Flavours of Umbria

La Rocciata

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One of the most typical and appreciated cakes in the areas of Assisi, Foligno and Spello is the famous Rocciata, a cake with very ancient origins.

According to a first hypothesis it could "derive" from a recipe - very similar to the current one - reported in the "Iguvine tables", concerning a cake called "tersendo" and baked during the sacred rituals as it is considered the cake of the god Horto Cerfio, an ancient Umbrian divinity.

But since the Rocciata is very similar to the Strudel, we cannot exclude even a possible Lombard influence, or vice versa: perhaps the Lombards appreciated this Umbrian cake to the point that it became part of their cuisine.

The name Rocciata comes from the typical dialect of the Foligno area, from roccia or rocciu, which means "round", precisely because of the shape it takes.

It is such a popular cake that it is even commonly referred to as the "Rocciata di Foligno", recognized as a traditional food product of the Umbrian region. In July a hamlet of Foligno, called San Giovanni Profiamma, usually hosts the Festival of the Rocciata, with stands offering this typical local product and many other products always taken from medieval recipes.

The characteristics of Rocciata are a thin sheet of pastry made of wheat flour, water and oil (from Umbria of course) which envelops a mixture of walnuts, olive oil, sugar and apples. These are the basic ingredients, accompanied, depending on the areas and personal tastes, by Alkermes, cocoa, sultanas, dried figs, cinnamon, pine nuts or jam. This dough is wrapped in the pastry and turned in a spiral on itself. On the outside, the pastry is coated with Alkermes or oil and today it is more and more common to spread icing sugar on it. In this form, the cake is baked in the oven.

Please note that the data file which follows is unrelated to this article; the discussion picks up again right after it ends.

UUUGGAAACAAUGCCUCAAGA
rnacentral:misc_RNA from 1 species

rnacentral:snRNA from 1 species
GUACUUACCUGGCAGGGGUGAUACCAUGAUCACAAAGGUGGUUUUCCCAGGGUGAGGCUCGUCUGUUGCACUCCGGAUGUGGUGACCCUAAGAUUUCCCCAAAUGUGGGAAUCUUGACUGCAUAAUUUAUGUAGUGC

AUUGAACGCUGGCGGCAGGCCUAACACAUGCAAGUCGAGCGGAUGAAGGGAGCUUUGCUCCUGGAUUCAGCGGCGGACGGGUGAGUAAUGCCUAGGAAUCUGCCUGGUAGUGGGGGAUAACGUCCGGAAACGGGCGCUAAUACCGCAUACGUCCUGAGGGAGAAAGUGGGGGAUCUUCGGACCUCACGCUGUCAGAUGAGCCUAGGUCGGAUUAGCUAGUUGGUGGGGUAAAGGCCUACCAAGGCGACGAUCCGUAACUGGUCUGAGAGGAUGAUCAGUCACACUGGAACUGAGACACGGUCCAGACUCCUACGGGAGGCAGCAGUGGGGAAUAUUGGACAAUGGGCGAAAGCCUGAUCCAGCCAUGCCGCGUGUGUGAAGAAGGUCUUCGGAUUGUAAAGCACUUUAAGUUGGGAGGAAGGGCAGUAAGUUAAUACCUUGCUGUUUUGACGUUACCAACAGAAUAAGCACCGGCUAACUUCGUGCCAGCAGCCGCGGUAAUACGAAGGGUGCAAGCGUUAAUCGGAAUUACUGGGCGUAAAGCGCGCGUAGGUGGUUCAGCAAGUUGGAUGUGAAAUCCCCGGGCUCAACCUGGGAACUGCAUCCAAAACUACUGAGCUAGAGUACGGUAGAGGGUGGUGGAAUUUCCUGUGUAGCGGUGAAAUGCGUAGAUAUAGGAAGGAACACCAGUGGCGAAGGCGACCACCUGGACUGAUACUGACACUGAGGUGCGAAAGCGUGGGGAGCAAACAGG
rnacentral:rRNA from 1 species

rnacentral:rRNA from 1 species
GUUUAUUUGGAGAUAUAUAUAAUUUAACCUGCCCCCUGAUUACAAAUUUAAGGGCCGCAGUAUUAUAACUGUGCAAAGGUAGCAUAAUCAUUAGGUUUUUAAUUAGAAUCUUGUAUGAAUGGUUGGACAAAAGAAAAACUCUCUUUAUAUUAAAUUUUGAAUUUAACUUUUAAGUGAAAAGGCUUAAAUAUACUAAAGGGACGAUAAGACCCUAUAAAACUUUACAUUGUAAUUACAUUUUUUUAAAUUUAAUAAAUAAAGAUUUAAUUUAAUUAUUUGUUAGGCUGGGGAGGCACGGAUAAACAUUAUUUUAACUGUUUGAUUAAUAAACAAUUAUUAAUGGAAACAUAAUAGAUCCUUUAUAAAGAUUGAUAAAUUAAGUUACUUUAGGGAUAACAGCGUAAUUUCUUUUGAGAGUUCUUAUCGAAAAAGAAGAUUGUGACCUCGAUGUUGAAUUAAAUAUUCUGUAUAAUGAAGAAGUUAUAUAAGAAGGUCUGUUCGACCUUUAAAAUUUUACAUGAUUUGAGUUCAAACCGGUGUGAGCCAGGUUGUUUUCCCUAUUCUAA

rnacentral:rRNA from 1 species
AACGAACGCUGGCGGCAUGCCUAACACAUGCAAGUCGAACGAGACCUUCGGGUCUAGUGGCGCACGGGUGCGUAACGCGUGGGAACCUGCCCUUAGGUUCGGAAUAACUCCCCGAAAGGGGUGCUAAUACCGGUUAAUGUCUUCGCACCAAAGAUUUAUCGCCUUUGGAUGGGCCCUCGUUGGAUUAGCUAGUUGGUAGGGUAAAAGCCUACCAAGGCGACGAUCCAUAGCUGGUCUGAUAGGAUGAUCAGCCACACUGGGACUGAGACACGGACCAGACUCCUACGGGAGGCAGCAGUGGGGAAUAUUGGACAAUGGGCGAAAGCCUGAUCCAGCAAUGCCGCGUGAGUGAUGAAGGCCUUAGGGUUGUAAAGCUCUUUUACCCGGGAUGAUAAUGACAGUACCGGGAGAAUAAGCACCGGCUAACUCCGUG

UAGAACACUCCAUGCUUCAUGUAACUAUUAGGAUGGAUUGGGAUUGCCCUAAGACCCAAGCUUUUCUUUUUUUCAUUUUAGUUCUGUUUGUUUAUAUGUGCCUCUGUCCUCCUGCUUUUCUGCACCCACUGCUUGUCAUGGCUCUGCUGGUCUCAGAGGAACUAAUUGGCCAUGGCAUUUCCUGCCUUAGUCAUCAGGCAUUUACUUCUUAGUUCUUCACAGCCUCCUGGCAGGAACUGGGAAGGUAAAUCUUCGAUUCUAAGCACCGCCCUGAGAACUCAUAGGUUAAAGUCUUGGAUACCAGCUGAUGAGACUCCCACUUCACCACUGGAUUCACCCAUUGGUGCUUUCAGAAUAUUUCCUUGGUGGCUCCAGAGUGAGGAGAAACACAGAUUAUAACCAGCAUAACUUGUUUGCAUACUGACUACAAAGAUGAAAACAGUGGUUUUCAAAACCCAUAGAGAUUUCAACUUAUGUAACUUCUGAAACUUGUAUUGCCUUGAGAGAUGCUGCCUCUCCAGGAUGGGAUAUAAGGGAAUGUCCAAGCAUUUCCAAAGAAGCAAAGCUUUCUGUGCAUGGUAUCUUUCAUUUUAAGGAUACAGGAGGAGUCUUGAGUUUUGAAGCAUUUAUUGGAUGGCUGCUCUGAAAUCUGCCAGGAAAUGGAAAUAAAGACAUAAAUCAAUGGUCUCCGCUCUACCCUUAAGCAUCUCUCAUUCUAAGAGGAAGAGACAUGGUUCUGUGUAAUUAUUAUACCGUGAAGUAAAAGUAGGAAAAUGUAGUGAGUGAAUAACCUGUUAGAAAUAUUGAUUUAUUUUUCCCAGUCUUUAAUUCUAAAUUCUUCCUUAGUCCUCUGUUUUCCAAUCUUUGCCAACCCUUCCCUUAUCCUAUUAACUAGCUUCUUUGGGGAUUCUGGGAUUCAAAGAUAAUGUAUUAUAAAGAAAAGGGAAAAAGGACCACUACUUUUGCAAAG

The same recipe can also have a salty version, obtained by mixing for the stuffing cabbages fried in a pan - a version called Fojata or Erbata.

The Rocciata is a typical late autumn and Christmas cake. At Christmas it is easy to find it especially in the houses of Spoleto but is also cooked very often for All Saints' Day and All Souls' Day in early November, or during Carnival, especially for the areas of Giano dell'Umbria.